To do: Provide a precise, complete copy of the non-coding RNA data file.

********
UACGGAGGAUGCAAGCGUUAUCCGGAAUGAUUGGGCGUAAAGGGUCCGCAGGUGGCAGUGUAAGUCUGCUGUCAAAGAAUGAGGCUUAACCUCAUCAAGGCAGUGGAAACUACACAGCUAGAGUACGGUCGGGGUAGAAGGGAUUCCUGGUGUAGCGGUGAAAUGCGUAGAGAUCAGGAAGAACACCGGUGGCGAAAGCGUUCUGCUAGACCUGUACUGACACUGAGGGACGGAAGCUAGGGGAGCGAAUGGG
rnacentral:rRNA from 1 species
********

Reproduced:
UACGGAGGAUGCAAGCGUUAUCCGGAAUGAUUGGGCGUAAAGGGUCCGCAGGUGGCAGUGUAAGUCUGCUGUCAAAGAAUGAGGCUUAACCUCAUCAAGGCAGUGGAAACUACACAGCUAGAGUACGGUCGGGGUAGAAGGGAUUCCUGGUGUAGCGGUGAAAUGCGUAGAGAUCAGGAAGAACACCGGUGGCGAAAGCGUUCUGCUAGACCUGUACUGACACUGAGGGACGGAAGCUAGGGGAGCGAAUGGG
rnacentral:rRNA from 1 species